Perhaps it was a Richardson 'Bohemian type'!
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Offline glasswizard

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Richardson's Green vase = Unlikely!
« Reply #6 on: August 28, 2005, 10:08:02 AM »
Connie, your question about a definition of Opaline got me to pondering. Its one of those words I think now used without much thought and on my part guilty I am afraid. Ivo in his book Glass Fact File a-z gives a wonderful definition. Opaline is a type of glass, semitransparent. He also states similar to Bristol glass. There is more and I urge anyone who needs to know to get the book. Wonderful!!!!
To keep this short (too late I know) lets say Opaline is a type of glass.
On my part, I feel like striking the word Opaline from my description until I learn more. Instead let us say a 14 inch Translucent green glass vase.
Ruth I am glad you like it and if I had to use one word as a description, it would be "Stately"
David, good question but not sure there is an easy answer as to why they used uranium. And not just in old glass, I have an iittala votive candle holder in blue, brand new that glows a soft yellow under blacklight. Terry


Offline Leni

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Richardson's Green vase = Unlikely!
« Reply #7 on: August 28, 2005, 10:49:16 AM »
Quote from: "glasswizard"
Ivo in his book Glass Fact File a-z gives a wonderful definition. Opaline is a type of glass, semitransparent. He also states similar to Bristol glass. There is more and I urge anyone who needs to know to get the book. Wonderful!!!!

I agree absolutely, Terry!  I just recently bought Ivo's book!  :D

As for opaline, until recently I admit I had been guilty of thinking (or rather, of not thinking very much  :roll: ) that all opaline glass was uranium or similar  :oops:  :roll:

However, I reckon my little 'headless chicken' (Sowerby 'Swan & Bullrush') vase is definitely opaline!  It glows with wonderful 'fire' in sunlight, but shows not a trace of luminescence under black light!   :shock: http://tinypic.com/b8woeb.jpg IMHO it's a perfect example to use as a definition of 'Opaline' :shock:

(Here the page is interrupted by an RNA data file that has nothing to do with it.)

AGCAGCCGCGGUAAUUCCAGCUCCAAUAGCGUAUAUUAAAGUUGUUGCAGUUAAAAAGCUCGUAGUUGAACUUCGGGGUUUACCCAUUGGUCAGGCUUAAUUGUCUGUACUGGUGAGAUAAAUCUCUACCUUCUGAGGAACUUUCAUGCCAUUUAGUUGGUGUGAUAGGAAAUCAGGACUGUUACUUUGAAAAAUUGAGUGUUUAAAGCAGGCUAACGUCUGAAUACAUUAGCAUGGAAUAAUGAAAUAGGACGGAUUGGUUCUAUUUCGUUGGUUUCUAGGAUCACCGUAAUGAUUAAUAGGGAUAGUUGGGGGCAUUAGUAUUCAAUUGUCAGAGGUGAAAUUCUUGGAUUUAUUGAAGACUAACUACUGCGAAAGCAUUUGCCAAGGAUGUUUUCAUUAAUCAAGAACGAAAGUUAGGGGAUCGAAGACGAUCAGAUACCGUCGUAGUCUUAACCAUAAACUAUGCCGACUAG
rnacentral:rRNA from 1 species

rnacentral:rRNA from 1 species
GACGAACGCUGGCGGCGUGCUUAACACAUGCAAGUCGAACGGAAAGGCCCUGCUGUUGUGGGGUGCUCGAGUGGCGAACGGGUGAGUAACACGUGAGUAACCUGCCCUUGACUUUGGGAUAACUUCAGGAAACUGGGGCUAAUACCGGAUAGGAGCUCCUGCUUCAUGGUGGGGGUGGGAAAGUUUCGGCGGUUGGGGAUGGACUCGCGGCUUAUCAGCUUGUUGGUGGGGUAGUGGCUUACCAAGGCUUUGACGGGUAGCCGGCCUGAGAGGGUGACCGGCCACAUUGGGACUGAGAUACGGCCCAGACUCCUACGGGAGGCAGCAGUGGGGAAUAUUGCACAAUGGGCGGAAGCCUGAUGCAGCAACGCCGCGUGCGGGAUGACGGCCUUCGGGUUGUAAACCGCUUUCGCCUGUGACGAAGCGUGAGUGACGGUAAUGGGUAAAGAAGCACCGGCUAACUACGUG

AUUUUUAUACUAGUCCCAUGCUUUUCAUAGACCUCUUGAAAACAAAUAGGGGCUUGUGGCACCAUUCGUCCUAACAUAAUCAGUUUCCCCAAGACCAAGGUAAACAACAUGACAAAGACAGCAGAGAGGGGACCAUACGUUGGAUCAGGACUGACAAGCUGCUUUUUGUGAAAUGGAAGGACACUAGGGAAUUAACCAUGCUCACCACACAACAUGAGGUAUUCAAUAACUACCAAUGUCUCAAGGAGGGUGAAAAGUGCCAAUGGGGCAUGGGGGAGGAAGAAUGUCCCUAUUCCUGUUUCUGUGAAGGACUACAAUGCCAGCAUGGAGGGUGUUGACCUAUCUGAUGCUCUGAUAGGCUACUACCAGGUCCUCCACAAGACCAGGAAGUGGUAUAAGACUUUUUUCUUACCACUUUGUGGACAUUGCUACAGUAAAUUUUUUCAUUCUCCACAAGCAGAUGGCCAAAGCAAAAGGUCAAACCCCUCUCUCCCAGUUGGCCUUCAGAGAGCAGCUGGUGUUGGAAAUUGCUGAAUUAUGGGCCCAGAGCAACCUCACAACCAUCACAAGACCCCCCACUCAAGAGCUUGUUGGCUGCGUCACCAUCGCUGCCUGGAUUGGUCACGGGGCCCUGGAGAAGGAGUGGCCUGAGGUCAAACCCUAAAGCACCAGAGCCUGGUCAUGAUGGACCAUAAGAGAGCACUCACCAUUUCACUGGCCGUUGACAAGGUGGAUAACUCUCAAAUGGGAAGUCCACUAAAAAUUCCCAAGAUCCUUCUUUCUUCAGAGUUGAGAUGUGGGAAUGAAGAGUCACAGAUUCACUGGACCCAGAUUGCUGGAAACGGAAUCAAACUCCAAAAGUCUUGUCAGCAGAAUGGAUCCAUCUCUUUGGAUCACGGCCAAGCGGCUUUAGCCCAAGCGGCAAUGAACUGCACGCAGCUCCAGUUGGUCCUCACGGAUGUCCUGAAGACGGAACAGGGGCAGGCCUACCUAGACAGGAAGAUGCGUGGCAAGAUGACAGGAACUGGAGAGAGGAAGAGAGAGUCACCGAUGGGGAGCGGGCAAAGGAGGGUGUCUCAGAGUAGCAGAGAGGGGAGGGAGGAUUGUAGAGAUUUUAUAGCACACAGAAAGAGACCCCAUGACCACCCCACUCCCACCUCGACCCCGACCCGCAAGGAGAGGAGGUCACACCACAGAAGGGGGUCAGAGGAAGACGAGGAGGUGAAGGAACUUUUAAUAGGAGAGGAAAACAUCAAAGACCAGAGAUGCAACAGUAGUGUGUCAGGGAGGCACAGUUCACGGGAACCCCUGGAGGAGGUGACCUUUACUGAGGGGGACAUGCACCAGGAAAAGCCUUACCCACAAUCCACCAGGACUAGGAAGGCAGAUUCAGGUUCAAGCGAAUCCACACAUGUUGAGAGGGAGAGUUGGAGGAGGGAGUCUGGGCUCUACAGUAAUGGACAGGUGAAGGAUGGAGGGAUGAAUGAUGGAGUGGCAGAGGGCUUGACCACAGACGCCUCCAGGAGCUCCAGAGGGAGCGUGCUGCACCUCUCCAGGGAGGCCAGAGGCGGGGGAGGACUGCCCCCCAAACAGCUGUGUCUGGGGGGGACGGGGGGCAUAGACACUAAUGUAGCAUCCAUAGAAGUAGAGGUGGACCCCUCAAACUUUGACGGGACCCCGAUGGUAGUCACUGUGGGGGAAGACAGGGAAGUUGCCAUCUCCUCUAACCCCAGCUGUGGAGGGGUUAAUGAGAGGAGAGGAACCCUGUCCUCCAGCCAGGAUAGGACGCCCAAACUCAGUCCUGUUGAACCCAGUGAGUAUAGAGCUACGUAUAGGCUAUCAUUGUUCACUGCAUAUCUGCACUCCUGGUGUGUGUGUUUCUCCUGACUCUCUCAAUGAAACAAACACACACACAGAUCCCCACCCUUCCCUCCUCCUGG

And I am now trying not to make ignorant assumptions in future :oops:

Leni
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Offline KevinH

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Richardson's Green vase = Unlikely!
« Reply #8 on: August 30, 2005, 07:29:37 PM »
Leni - I would have said your Sowerby piece was "Opalescent", not "Opaline".

As for Terry's green vase, I agree with the views that it has a general "British" / "Bohemian" look to it. And it does have features of mid to late 19th century work. But I also think the gilded decoration is (or was) rather ornate or fancy for what I have seen of British items and I would not be surprised to find out that Ivo was not so far off with the 20th century "Italian" idea.

I would have half expected that a Richardsons' vase of this type would have been marked "Richardsons Vitrified Enamel" on the base. But perhaps that was reserved only for the very best pieces?

On the question of shape, does the neck form smoothly from the shoulder of the body or is there a "ridge line"? It looks a bit "angled" to me.
KevinH


Offline Glen

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Richardson's Green vase = Unlikely!
« Reply #9 on: August 30, 2005, 07:36:40 PM »
I love that Sowerby item - made more charming by its little flaw  :shock:

The colour is opalescent, as Kev notes. It is sometimes also referred to as blanc de lait (though there is a debate around that).